In the United States, the change is slow and frustratingly complicated. Cannabis laws are different on a federal level to a state level and can differ significantly from one state to the next. Some states allow the use of CBD with medical approval only, others are completely legal for any reason — you can even buy products at corner stores, gas stations, and even vending machines. It’s not always limited to dispensaries.
Let’s cover each form of cannabis in more detail.
Now, as we inch our way towards a new decade, the landscape is much different.
Most CBD products like CBD oils, CBD capsules, edible gummies, or CBD E-liquids are made using hemp-derived CBD in order to sell these products legally.
The federal government recently passed a bill that clearly differentiated two forms of the cannabis plant — hemp and marijuana — arguing that the hemp variety can’t produce the psychoactive high inherent to marijuana. They crossed hemp off the list of restricted substances, giving people open access to the plant for the first time in over 80 years.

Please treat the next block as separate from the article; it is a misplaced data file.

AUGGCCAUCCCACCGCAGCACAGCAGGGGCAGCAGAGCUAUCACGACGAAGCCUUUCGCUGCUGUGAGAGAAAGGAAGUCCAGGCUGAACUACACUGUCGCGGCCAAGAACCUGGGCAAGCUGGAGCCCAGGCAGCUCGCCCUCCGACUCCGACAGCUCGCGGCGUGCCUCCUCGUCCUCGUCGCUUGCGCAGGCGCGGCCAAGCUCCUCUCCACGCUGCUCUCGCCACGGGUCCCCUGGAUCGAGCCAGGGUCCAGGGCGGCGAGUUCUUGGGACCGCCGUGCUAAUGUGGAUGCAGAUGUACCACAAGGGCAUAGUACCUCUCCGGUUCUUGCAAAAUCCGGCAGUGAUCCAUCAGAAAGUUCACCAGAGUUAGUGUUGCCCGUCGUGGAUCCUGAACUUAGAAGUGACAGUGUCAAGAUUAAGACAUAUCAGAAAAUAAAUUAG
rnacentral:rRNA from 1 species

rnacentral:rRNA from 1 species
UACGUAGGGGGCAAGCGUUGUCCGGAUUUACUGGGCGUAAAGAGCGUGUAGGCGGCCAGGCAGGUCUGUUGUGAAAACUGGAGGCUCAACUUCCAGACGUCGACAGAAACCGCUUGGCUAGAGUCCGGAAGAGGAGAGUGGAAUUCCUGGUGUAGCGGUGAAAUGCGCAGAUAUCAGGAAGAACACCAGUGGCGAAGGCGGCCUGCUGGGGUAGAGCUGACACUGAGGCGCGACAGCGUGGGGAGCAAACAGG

Marijuana legality varies by state, as does CBD legality.
There are 17 states called that legalized both medicinal and recreational use of marijuana as long as you meet the minimum age requirement.
Is CBD Legal in the U.S.?
CBD (cannabidiol) is a non-psychoactive compound found in cannabis. Unlike tetrahydrocannabinol (THC), CBD does not get a user “high;” however, its legality is still a gray area for some people because it is derived from the cannabis plant.
In addition to these states, sever other states have legalized medical marijuana:
CBD must be legal on both the federal level and the state level in order for it to be legal in your state.